Some failures are a blessing. Suppose you see a woman you know across the room at a party. You are sweet on her and she knows it. She has made some indications of interest. You comb back your hair and make a move. She is everything you want in a mate. You build the courage to ask her for a dance only to be turned down. Your heart sinks. Then she puts her hand on your forearm and says, “I’m married, silly. But my sister, here she comes,” she waves to her sister to join you, “likes you. You remember Sally, don’t you?” After a wonderful night you find you have even more in common with Sally than the woman you wanted to date. Best of all, Sally is a frugal gal with some serious investments. She was looking for the right man to enjoy an early retirement with. Damn, I hate it when I get rejected like that.
Some failures are complete failures. Most are a stepping stone to the next level. You don’t want everything to go your way. Sometimes a loss or rejection is the best thing that can happen to you. Once you understand you have no control over the outcome you can open yourself to a world of possibilities. A bloody lip now and again is not bad. It is a lesson to learn.
Can you imagine Steve Jobs saying, “I don’t know if we can do that. Might not work.” What about Elon Musk? Bill Gates? Any successful business leader? You know as well as I that people that do the seemingly impossible are the ones who conquer their fears. Steve Jobs wasn’t born a master presenter. But he grew to be one. Check any YouTube video of Jobs at an Apple product launch. He was a master on stage. He got there by doing it.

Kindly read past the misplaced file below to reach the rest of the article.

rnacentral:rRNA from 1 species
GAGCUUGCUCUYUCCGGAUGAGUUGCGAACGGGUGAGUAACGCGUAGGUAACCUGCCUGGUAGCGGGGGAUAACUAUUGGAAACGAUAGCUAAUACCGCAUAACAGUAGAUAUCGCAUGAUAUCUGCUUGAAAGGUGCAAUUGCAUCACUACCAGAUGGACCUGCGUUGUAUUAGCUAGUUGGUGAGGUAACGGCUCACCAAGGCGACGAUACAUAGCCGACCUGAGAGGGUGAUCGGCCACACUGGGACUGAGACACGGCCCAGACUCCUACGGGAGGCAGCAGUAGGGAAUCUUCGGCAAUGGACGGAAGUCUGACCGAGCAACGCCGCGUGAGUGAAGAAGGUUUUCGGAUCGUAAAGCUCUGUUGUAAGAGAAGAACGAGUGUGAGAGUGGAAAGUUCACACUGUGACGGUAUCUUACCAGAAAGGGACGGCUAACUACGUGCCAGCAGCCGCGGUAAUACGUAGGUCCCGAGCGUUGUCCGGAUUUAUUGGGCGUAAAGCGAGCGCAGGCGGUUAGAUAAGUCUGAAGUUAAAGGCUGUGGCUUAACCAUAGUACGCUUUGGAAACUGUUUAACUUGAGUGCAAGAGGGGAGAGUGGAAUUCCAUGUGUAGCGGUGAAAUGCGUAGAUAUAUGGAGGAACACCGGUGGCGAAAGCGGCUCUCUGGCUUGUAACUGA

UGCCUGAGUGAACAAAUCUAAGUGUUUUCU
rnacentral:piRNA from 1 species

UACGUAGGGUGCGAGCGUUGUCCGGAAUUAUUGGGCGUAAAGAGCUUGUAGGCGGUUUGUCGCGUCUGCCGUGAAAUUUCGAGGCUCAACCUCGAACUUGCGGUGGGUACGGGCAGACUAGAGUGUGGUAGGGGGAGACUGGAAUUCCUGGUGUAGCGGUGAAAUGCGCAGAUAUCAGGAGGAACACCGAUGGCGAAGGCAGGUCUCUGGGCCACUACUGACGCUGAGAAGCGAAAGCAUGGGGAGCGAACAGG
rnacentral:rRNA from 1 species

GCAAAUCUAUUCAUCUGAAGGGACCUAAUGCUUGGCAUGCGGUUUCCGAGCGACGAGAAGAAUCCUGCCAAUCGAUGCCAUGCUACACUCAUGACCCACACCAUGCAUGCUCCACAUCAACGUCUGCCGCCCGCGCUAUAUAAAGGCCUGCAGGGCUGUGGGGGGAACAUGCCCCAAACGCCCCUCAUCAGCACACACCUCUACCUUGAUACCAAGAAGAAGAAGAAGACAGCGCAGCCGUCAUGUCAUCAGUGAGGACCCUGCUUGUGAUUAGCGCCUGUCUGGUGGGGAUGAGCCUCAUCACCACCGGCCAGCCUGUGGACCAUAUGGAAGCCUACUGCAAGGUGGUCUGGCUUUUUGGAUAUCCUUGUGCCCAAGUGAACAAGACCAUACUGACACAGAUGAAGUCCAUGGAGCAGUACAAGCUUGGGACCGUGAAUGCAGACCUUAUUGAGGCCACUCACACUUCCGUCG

The Old Adam
When I was a little tyke I was required to attend confirmation classes at the Lutheran church. Without getting into religion, there was a lesson we can apply to fear. The minister talked about baptism pushing down the old Adam and bringing forth the new Adam, without sin. That is how it works in life. We must continually push down our fears so the new you can rise and do awesome things.
Zig Ziglar said, “You are born to win, but to be a winner you must plan to win, prepare to win, and expect to win.” Zig was a Stoic and never knew it. What you think about all day long is your reality. If you allow fear to rule then you will suffer the consequences. Only you decide. Only you control your thoughts. Only you allow fear to rule or evaporate.
Fear is an illusion with teeth a meter long or a toothless old woman, you decide. You will never know the love, pleasure, happiness, and friends you would have had if you did not allow fear to rule.
Fear destroys. Mankind has known this from the beginning. The question is: Will fear rule you?